Say it with color: How color affects our perceptions and marketing
How color biases affect marketing efforts—and how to look beyond our own preferences.
If you're looking for a passionate response from preschoolers, ask about their favorite colors.
As adults we may feel less strongly about our preferred shades, but nonetheless, we continue to carry with us color preferences and associations. And while we often assume certain colors carry specific meanings (red = anger), individual responses to a certain color are actually quite complex and can be fluid over time. After all, how many of us have cringed at a new color trend only to find ourselves happily purchasing that very hue of paint or clothing a couple years later?
So what influences our unique responses to color? Here are 3 factors:
1. General connections. Research shows there are some universal patterns of specific colors being associated with certain characteristics, such as blue with competence and brown with ruggedness.
2. Cultural background. Different cultures can have meaningful or symbolic uses for colors. For example, look at the variety of colors associated with "love" in this culture-coded color wheel.
3. Personal life experience. Perhaps your favorite aunt picked you up in her shiny green convertible for fun-filled outings. Seeing that shade of green may always fill you with happiness and excitement.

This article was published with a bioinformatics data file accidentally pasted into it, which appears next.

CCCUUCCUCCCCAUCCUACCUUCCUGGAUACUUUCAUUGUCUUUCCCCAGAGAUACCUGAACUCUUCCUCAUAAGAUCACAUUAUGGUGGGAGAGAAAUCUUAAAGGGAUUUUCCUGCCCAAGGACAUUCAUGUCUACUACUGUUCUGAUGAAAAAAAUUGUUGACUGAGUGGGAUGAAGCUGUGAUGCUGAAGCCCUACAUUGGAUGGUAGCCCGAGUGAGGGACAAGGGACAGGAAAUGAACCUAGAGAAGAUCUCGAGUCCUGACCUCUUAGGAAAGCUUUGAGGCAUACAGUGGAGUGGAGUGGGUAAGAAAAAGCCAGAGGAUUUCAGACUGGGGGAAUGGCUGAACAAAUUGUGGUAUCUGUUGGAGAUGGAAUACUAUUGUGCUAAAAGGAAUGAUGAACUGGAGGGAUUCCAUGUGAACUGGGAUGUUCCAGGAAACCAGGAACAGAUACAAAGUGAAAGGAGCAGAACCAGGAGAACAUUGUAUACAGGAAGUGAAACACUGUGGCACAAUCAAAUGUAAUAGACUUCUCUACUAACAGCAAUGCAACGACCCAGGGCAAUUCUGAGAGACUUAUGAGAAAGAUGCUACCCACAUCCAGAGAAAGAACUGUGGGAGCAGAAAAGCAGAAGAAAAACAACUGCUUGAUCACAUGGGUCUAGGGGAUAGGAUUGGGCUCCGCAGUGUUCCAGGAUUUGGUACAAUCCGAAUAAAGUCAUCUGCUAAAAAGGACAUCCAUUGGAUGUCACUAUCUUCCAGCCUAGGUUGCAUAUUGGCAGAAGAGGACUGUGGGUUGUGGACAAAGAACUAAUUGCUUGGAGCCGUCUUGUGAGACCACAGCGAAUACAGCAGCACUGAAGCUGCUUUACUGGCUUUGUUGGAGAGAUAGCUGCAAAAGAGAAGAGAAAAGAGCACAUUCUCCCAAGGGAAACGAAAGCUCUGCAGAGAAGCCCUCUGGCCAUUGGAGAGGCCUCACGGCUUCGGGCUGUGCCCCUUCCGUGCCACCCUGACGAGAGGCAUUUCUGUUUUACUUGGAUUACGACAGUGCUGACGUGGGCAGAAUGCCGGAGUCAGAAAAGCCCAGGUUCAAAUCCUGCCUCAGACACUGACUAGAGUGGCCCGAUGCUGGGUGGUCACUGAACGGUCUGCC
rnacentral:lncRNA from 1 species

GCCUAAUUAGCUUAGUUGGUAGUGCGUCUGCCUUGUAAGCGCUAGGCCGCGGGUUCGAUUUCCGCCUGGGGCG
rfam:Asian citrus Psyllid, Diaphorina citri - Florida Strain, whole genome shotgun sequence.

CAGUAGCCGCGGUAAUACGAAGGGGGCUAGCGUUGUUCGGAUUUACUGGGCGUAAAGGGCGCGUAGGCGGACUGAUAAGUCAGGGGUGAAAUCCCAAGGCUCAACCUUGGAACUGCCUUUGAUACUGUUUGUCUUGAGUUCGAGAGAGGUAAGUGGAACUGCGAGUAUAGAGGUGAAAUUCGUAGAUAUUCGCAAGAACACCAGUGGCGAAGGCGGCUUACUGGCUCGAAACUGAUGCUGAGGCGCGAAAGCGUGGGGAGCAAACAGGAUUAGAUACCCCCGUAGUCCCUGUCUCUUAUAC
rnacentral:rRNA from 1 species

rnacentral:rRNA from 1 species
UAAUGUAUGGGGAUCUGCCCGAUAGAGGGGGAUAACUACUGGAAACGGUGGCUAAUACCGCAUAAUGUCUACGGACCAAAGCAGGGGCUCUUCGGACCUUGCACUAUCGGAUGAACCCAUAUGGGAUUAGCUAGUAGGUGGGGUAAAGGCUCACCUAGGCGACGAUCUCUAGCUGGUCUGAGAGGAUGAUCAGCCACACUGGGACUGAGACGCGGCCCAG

Colorful tips for healthcare marketers
So how can you use color to best communicate with your healthcare audience? Here are some tips we find helpful when thinking about color:
- Know that there is no cheat sheet for choosing colors. (Sorry!) Working with designers? Provide as much information as possible about your audience and brand personality, so they can think critically and make informed color decisions. Research and testing with small focus groups can help you further hone decisions.
- Establish and keep brand guidelines. A consistent use of color can help healthcare consumers recognize and build trust in your organization. That doesn't mean you can't use nonbrand colors in your marketing. It just means being thoughtful about how you use color.
- Step outside yourself. Color should support your message and appeal to your target audience. This may mean leaving personal preferences behind sometimes.
- Legibility takes highest priority. We know color can affect mood, but the last thing you want to do is cause frustration by using color in a way that makes text hard to read.
- Consider the context. Color is affected by what surrounds it. For example, if your hospital's website is mostly white or light gray, a take-action button needn't be bright red to call attention. Blue or green would do the trick.
Interested in learning more about color?
We found the following resources educational and fun. Who knew the Minions from Despicable Me have their own Pantone color?!
Just call us true blue
Coffey's designers work exclusively with healthcare marketers. No matter your platform, palette or preferences, we're confident we can deliver on great design for your goals and audience. See our work—and contact us about how we can help.